- Alternative title
- Semperoper bei Nacht
- circa 1930
- Media category
- Materials used
- gelatin silver photograph, vintage
- 23.3 x 17.5 cm image; 23.5 x 17.8 cm sheet
- Signature & date
Signed l.l., black ink "Kesting". Not dated.
- Purchased with funds provided by the Photography Collection Benefactors' Program 2003
- Not on display
- Accession number
- © Edmund Kesting/Bild-Kunst. Copyright Agency
- Artist information
Works in the collection
A master of the technique of double exposure, Kesting exploited the camera’s eye for new ways of seeing and experimented with large, round glass-plate formats. Spending his formative years studying painting at the Kunstakademie in Dresden, he turned to photography in 1920. At the forefront of the avant-garde movement his work was restricted by the government in 1933, but not before he became known for his dramatic and theatrical psychological portraits. He founded the art school Der Weg in Dresden after the war, connecting with the Der Sturm circle through which he furthered his experimentation with collage and photography.
In ‘Semper Opera at night’ Kesting uses framing, dramatic elongated shadows and architectural lighting to great dynamic effect. Although the image employs the formal construction of the Bauhaus, Kesting’s approach to portraiture plays an intrinsic role. That is, he employs the emotional and psychological intensity that he used in his investigations of the interior life of the sitter in highly constructed but dramatically played roles that recall film or theatre stills and evoke the night imagery of Brassaï. In fact, the image presents the architecture of the opera theatre as central to the dramatic set that he offers to the viewer – a restaging of sorts. The building, which was destroyed by fire in 1869, was reconstructed only to be destroyed by bombing in the last weeks of the Second World War. It was rebuilt in 1985 and opened with the same opera that was performed before the destruction in 1945 – Weber’s ‘Der Freishütz’. This photograph prefigures the drama of the events, aided by what writer Ann Thomas has noted as Kesting’s dextrous manipulation of light and shadow.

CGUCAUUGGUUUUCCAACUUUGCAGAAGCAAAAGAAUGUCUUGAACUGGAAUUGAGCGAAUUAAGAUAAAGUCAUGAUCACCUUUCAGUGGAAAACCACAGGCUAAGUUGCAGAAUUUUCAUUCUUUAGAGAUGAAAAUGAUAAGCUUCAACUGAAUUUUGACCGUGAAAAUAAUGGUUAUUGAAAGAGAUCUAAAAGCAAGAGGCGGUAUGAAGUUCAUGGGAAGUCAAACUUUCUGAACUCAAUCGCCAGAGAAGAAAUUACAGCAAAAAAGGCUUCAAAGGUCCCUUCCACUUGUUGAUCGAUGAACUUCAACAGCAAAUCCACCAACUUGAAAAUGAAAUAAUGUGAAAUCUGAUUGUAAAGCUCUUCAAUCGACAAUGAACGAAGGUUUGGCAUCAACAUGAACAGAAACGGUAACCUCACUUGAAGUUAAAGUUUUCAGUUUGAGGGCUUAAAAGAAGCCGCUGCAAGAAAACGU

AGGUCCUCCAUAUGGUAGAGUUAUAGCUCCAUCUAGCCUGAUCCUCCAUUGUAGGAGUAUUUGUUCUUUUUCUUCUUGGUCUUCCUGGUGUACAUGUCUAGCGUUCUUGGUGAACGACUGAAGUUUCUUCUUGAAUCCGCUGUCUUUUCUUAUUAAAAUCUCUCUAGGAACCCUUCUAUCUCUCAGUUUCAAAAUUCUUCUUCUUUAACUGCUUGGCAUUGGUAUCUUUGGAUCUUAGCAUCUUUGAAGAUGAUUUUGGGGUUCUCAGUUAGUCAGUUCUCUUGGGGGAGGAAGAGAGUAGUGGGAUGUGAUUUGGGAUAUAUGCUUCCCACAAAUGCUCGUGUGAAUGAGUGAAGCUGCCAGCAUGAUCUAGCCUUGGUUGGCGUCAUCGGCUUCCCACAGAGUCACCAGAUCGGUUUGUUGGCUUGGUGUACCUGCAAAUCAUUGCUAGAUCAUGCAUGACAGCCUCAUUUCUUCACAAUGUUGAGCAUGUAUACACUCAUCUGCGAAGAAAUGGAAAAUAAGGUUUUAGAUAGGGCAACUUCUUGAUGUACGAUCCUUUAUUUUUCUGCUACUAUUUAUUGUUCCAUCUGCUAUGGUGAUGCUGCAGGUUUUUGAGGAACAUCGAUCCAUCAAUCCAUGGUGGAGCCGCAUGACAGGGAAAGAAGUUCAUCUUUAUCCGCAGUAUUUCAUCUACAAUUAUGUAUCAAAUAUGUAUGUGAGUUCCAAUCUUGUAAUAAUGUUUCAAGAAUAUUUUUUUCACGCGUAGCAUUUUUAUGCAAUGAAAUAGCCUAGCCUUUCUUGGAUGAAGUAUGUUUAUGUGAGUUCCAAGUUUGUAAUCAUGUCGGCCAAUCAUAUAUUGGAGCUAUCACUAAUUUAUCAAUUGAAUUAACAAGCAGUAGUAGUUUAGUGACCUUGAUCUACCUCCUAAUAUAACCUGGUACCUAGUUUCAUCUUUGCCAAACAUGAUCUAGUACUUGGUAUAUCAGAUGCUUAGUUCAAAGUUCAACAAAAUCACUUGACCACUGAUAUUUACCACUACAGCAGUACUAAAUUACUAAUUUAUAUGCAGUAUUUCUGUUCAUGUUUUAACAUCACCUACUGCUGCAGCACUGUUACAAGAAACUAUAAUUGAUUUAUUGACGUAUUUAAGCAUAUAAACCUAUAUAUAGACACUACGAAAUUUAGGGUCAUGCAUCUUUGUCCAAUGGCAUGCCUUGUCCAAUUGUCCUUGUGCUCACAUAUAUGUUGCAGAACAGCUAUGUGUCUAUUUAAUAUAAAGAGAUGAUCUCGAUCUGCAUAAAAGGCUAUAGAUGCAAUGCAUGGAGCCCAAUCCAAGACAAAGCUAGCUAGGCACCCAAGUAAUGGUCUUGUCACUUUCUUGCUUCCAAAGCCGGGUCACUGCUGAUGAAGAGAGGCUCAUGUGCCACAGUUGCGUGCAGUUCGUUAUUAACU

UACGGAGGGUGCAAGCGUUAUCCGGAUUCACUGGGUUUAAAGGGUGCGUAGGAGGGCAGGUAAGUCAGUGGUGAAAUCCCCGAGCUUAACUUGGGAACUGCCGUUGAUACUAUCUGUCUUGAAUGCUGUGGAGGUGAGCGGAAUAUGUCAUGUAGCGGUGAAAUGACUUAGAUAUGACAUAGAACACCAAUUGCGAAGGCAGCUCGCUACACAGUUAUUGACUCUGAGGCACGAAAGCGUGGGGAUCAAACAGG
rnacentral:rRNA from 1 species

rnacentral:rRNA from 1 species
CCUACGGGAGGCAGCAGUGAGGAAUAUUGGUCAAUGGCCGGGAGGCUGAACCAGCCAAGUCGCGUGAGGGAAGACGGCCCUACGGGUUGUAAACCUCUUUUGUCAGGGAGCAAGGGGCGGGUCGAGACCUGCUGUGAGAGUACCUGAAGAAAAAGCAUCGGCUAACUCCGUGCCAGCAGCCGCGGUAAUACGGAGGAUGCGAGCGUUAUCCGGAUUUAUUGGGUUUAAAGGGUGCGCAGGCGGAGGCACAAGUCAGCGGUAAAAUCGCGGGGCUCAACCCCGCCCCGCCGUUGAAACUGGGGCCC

© Art Gallery of New South Wales Photography Collection Handbook, 2007
Referenced in 2 publications
Donna Brett, Photography: Art Gallery of New South Wales Collection, 'The surreal aesthetic', pg.113-129, Sydney, 2007, 117, 120 (illus.).
Kunsthaus Lempertz, From Bauhaus to Fotoform: vintage photographs from the 1920s to the 1950s - from a German private collection, Cologne, 15 Sep 2001, 63 (illus.). lot no. 85